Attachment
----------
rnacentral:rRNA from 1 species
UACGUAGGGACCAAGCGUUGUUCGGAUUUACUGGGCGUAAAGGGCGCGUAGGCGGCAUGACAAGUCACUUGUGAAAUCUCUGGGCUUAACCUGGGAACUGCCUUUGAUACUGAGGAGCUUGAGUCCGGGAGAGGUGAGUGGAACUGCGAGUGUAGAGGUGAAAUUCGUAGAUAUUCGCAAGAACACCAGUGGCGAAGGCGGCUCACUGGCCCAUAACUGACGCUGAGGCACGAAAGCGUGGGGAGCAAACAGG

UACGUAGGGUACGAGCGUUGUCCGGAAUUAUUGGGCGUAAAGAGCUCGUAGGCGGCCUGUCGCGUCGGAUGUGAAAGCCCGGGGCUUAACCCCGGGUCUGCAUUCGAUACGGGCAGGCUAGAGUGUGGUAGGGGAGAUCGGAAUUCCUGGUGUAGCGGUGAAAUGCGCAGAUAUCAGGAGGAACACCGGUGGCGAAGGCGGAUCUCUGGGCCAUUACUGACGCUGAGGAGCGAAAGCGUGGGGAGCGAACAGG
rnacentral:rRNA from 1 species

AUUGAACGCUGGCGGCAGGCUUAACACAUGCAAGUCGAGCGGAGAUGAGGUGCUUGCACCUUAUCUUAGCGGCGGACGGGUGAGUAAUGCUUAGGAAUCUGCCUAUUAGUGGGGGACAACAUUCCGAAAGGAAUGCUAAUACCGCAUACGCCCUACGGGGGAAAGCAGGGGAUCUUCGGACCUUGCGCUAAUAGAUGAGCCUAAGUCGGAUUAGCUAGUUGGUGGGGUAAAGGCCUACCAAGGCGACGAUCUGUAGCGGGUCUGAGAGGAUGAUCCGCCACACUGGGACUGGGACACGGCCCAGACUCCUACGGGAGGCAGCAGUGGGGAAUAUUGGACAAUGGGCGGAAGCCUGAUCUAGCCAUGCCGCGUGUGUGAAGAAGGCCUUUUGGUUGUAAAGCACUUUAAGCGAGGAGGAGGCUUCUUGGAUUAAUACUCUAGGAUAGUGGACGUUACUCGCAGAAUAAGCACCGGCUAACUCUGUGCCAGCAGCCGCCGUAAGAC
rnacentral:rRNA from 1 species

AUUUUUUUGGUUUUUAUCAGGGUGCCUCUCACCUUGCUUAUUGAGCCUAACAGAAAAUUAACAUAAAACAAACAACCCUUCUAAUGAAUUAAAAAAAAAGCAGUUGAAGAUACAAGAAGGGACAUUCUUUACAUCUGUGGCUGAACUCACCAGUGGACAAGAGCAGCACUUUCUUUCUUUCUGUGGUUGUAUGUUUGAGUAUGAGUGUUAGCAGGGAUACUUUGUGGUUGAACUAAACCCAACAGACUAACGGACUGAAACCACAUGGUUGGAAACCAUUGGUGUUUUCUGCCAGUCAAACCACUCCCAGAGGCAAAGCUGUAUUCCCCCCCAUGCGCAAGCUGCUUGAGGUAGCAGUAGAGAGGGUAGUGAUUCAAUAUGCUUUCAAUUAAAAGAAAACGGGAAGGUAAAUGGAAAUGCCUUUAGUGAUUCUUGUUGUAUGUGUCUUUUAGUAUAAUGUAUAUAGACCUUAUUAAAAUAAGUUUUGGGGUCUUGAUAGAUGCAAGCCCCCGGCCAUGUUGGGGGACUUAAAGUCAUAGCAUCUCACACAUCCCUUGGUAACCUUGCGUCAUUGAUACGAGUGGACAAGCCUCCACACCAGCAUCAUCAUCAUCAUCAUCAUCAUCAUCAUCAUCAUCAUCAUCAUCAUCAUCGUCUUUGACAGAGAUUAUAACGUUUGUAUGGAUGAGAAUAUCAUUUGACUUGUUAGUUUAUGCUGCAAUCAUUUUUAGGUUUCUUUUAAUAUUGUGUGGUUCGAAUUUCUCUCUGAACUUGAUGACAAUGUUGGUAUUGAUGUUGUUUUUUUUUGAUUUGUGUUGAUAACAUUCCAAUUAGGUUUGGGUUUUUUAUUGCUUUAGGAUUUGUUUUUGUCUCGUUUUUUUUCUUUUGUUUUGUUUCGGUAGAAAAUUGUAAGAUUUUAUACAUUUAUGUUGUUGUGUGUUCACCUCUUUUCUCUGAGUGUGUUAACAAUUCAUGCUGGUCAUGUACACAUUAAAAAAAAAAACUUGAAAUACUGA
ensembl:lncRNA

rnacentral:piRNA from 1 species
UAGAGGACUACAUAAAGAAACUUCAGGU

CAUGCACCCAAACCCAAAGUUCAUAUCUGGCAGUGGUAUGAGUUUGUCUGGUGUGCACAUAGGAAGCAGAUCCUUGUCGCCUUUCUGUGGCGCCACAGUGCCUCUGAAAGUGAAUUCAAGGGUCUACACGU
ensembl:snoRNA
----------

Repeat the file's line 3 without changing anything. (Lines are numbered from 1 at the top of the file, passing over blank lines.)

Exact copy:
UACGUAGGGUACGAGCGUUGUCCGGAAUUAUUGGGCGUAAAGAGCUCGUAGGCGGCCUGUCGCGUCGGAUGUGAAAGCCCGGGGCUUAACCCCGGGUCUGCAUUCGAUACGGGCAGGCUAGAGUGUGGUAGGGGAGAUCGGAAUUCCUGGUGUAGCGGUGAAAUGCGCAGAUAUCAGGAGGAACACCGGUGGCGAAGGCGGAUCUCUGGGCCAUUACUGACGCUGAGGAGCGAAAGCGUGGGGAGCGAACAGG